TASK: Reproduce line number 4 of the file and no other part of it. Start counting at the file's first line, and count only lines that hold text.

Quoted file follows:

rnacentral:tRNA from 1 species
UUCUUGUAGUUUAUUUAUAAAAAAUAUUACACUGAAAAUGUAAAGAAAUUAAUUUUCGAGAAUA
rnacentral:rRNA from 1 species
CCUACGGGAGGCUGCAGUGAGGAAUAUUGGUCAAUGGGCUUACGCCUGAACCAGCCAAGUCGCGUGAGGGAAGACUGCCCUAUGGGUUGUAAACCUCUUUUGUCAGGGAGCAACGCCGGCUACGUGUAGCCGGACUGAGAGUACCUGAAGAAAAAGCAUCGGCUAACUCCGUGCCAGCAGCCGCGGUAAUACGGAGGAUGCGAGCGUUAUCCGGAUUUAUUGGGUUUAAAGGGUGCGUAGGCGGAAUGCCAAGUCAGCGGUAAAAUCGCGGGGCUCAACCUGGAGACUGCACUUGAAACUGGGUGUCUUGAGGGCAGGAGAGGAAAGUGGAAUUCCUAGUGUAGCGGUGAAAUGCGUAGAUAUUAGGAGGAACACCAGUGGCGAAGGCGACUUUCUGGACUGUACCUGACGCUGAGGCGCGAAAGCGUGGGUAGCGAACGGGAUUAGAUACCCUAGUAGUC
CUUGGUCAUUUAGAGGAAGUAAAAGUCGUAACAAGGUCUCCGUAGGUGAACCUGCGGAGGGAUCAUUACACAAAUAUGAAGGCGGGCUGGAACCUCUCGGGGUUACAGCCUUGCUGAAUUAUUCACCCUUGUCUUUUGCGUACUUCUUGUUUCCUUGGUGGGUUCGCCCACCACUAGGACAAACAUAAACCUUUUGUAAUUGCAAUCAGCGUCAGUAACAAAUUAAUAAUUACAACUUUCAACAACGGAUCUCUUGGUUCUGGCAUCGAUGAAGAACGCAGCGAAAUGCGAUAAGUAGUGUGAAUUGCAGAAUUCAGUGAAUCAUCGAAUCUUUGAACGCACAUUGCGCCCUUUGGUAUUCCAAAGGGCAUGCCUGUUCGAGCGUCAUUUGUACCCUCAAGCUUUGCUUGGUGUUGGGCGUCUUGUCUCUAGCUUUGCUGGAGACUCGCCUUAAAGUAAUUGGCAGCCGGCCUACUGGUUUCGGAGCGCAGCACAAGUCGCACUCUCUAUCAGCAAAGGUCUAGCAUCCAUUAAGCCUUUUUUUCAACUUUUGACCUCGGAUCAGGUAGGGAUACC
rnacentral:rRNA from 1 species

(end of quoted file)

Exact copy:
CCUACGGGAGGCUGCAGUGAGGAAUAUUGGUCAAUGGGCUUACGCCUGAACCAGCCAAGUCGCGUGAGGGAAGACUGCCCUAUGGGUUGUAAACCUCUUUUGUCAGGGAGCAACGCCGGCUACGUGUAGCCGGACUGAGAGUACCUGAAGAAAAAGCAUCGGCUAACUCCGUGCCAGCAGCCGCGGUAAUACGGAGGAUGCGAGCGUUAUCCGGAUUUAUUGGGUUUAAAGGGUGCGUAGGCGGAAUGCCAAGUCAGCGGUAAAAUCGCGGGGCUCAACCUGGAGACUGCACUUGAAACUGGGUGUCUUGAGGGCAGGAGAGGAAAGUGGAAUUCCUAGUGUAGCGGUGAAAUGCGUAGAUAUUAGGAGGAACACCAGUGGCGAAGGCGACUUUCUGGACUGUACCUGACGCUGAGGCGCGAAAGCGUGGGUAGCGAACGGGAUUAGAUACCCUAGUAGUC